So, I whipped up some slides pretty quickly.

Now, I’ve been asked by another student who was in that lecture to offer the same talk to an organization he’s in. I tweaked the slides today, and I’ll speak to his student leadership society tonight.

A good presentation is about the connection between the speaker and the audience. It’s not about the quality or content of the slides. If your slides can stand alone, then what was the point of showing up to speak? Just email your slide deck to the audience.

But I find real value in connecting strong images and key words on screen with the message I’m sharing. Visuals done right can make the ideas resonate and stick with an audience in a way that just hearing the talk can’t.

More great public speaking advice from Nick Morgan

Nick Morgan keeps giving away solid advice about public speaking. If you speak in public ever, you really should be following his blog. (And his book, Give Your Speech, Change The World, has been required reading for my team.)

Today he posted an excellent list of twelve public speaking rules.

Rules three and four on his list particularly resonate with me:

3. By the end of the hour, you should be talking love. You get attention by identifying a problem and playing it up. Look at the current American presidential candidates; you’d be pardoned for thinking that Armageddon was around the corner if you took them seriously. But by the end of the talk, you should be covering what it is that you love and what’s working in your world. Long-term careers are based on positive trajectories, not negative ones.

4. You put your ideas out there; you can’t control what the audience does with them. It’s your job to present your case with passion. The audience has its own issues, and you have no control over the extent to which they take up your ideas or not. Success is making your case, not in getting the most votes – or even a standing ovation.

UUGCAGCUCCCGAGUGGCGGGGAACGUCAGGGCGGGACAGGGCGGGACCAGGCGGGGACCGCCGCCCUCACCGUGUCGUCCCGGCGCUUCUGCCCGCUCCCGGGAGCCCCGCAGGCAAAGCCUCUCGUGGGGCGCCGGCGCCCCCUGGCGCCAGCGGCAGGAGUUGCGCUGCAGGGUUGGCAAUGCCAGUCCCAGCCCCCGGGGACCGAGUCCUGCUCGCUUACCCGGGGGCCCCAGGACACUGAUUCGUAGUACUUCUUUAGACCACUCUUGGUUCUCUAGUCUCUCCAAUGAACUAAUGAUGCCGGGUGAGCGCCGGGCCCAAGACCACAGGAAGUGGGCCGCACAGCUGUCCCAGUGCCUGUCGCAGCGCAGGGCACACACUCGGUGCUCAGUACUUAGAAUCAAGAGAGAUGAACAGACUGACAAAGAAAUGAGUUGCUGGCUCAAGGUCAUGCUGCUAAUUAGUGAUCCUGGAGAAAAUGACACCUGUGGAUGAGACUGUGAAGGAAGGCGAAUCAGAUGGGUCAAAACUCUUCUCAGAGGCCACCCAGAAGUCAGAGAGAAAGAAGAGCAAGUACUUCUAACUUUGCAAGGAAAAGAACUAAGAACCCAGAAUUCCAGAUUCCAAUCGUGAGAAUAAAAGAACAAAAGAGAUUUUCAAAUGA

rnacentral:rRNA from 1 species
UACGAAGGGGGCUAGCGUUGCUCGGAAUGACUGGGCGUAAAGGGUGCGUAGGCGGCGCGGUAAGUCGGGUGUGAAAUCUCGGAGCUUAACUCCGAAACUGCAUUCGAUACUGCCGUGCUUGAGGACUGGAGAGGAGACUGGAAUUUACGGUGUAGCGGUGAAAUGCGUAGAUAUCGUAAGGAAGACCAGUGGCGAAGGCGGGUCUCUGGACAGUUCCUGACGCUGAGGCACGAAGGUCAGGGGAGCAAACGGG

Indeed, “you should be talking love” as you make your call to action. What’s the point of standing in front of an audience if not to give them something you care about that can send them away transformed for the better?

It’s called “giving” a speech, right? Have a gift to offer. Talk about something you truly care about, that you love, and leave your audience with that gift, whether it’s awakening them to new possibilities or calling them to action in a worthwhile pursuit.

And Morgan’s fourth rule can be magical for not just your speaking events, but for all that you do.

Don’t be attached to the outcome. Focus on what you can control—your effort, your energy, your emotion, your authentic in-the-moment presence. The intrinsic rewards should take precedence over the extrinsic ones.

Give your speech with as much craftsmanship and energy as you can. Offer your gift. Then let it go.

Every audience is unique. Some may not give you the feedback you hope for or the smiling, engaged expressions that let you know they’re with you.

I’ve had audiences that seemed to just stare blankly at me only to find out later that several found the experience to be transformational.

Regardless, do your best. Give the audience all you have. If you don’t feel a bit drained when you finish, you probably didn’t summon enough energy or uncork enough emotion.

When in doubt, especially when facing an audience that’s not showing you the love, ramp up the awesome rather than scaling it back in self-defense.

Put out more energy, connect more intently, and be bigger on stage than seems reasonable to you.

Spread your love. Give your gift. And be content with that.

 

Boston keynote slides

  
Here are the slides from the keynote I’m giving tonight to a group of more than 200 college students at a conference in Boston.

Of course, my slides are not the presentation, they’re just there to support the interaction between the speaker and the audience and to add the power of visuals to help the ideas stick.